TNR: Feral Cats and 'Feeders' Impact Residential .Property Rights in Toronto; Is Los Angeles Next?...

TORONTO - “Harding Boulevard…just hasn’t been the same since the ‘neighbors from hell’ moved in, residents say.,The feline group dwelling on Harding Blvd. is one of over 300 registered Trap/Neuter/Return (TNR) cat colonies in the city, some of which exist on residential streets.

“The devastation and damage they’ve caused is incredible,” says long-time Harding Blvd. resident Jane Flanders. “I have to clean out half a recycling bag full of feces from my front lawn all the time. … They’re killing all the songbirds in my backyard.”

Albuquerque encouraged to stop Best Friends' feral cat TNR Program

“On September 16, 2013, the State of New Mexico, Department of Game & Fish, sent a letter to Mayor Berry of Albuquerque encouraging the City and the Animal Welfare Department to “discontinue support” of the Trap-Neuter-Return policy which releases feral cats into the city’s streets.

“The letter, signed by Cal Baca, Chief, Wildlife Management Division, states:

“In 2012, Best Friends Animal Society partnered with Albuquerque (City) Animal Welfare Department to begin a three-year Trap-Neuter-Return (TNR) program, funded by a grant from PetSmart Charities. In addition, the City has worked with New Mexico Animal Friends to cover the cost of sterilizing street cats. The Department of Game and Fish (Department) encourages the City and the Animal Welfare Department to discontinue support of these programs.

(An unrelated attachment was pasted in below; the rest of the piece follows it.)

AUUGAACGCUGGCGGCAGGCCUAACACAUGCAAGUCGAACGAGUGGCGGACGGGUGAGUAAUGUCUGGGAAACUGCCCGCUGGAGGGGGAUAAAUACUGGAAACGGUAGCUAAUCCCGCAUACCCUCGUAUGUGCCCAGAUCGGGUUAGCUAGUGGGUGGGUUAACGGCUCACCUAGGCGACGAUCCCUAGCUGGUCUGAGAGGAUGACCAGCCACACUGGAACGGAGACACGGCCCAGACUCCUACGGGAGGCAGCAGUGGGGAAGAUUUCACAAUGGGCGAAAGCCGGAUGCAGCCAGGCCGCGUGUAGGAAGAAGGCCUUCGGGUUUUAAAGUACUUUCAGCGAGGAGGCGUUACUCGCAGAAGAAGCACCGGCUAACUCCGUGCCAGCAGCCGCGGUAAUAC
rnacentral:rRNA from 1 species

Toxoplasmosis - Cats No Longer Allowed to Be Outdoors and “Free Roaming” in Edmonds, Washington

“The Edmonds City Council has voted 6-1 to add cats in the "Running-at-large” ordinance already on the books. The law is aimed at preventing animals from freely roaming in the city, according to King5 News. (Sept. 05, 2013)

“This decision to include felines followed testimony from numerous residents in regard to the nuisance and dangers posed by outdoor cats--ranging from the diseases they can carry and transmit, to the birds and other wildlife they kill, and the fur, fleas and other parasites they leave after lounging uninvited on outdoor furniture in neighbors’ yards.

“Dr. Rick Gerhold at the Center for Wildlife Health at the University of Tennessee, states in a 2011 article entitled, Cats as Carriers of Disease, that toxoplasmosis has been associated with increased risk of schizophrenia, autism disorders, other neuro-inflammatory diseases and can occasionally cause eye damage.

“The parasite thrives and reproduces in the intestines of cats and can cause neurological impairment that lead to abortions and birth defects in humans and is a major cause of systemic infection and death for immune-suppressed patients,” he writes.”


This is not an issue of whether you love or hate cats. Nothing is more tragic than seeing homeless cats huddled under greasy cars and trying to dash across busy streets. However, Brenda Barnette’s plan will not address those issues. The cats will still be outside with no human protection, and the proposed “Cat Program” will further alienate them in the community by legalizing their intrusion into private property, where they can create an imminent to children, adults and pets.